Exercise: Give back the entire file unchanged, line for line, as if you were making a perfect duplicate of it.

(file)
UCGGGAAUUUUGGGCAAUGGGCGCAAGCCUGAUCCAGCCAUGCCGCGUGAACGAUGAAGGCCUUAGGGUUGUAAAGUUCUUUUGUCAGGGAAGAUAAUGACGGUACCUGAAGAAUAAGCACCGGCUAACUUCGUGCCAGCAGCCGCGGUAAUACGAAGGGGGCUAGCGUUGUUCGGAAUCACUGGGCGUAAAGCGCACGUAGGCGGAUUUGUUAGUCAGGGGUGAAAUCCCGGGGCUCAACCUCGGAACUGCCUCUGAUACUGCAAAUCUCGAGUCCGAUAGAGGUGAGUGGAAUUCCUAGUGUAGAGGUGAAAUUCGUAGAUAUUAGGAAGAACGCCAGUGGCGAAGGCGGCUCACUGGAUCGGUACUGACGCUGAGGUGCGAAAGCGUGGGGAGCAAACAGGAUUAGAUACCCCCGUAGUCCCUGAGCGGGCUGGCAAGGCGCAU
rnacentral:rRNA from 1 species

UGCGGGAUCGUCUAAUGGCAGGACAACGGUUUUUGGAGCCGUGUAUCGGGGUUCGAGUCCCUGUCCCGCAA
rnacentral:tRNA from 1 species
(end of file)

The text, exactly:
UCGGGAAUUUUGGGCAAUGGGCGCAAGCCUGAUCCAGCCAUGCCGCGUGAACGAUGAAGGCCUUAGGGUUGUAAAGUUCUUUUGUCAGGGAAGAUAAUGACGGUACCUGAAGAAUAAGCACCGGCUAACUUCGUGCCAGCAGCCGCGGUAAUACGAAGGGGGCUAGCGUUGUUCGGAAUCACUGGGCGUAAAGCGCACGUAGGCGGAUUUGUUAGUCAGGGGUGAAAUCCCGGGGCUCAACCUCGGAACUGCCUCUGAUACUGCAAAUCUCGAGUCCGAUAGAGGUGAGUGGAAUUCCUAGUGUAGAGGUGAAAUUCGUAGAUAUUAGGAAGAACGCCAGUGGCGAAGGCGGCUCACUGGAUCGGUACUGACGCUGAGGUGCGAAAGCGUGGGGAGCAAACAGGAUUAGAUACCCCCGUAGUCCCUGAGCGGGCUGGCAAGGCGCAU
rnacentral:rRNA from 1 species

UGCGGGAUCGUCUAAUGGCAGGACAACGGUUUUUGGAGCCGUGUAUCGGGGUUCGAGUCCCUGUCCCGCAA
rnacentral:tRNA from 1 species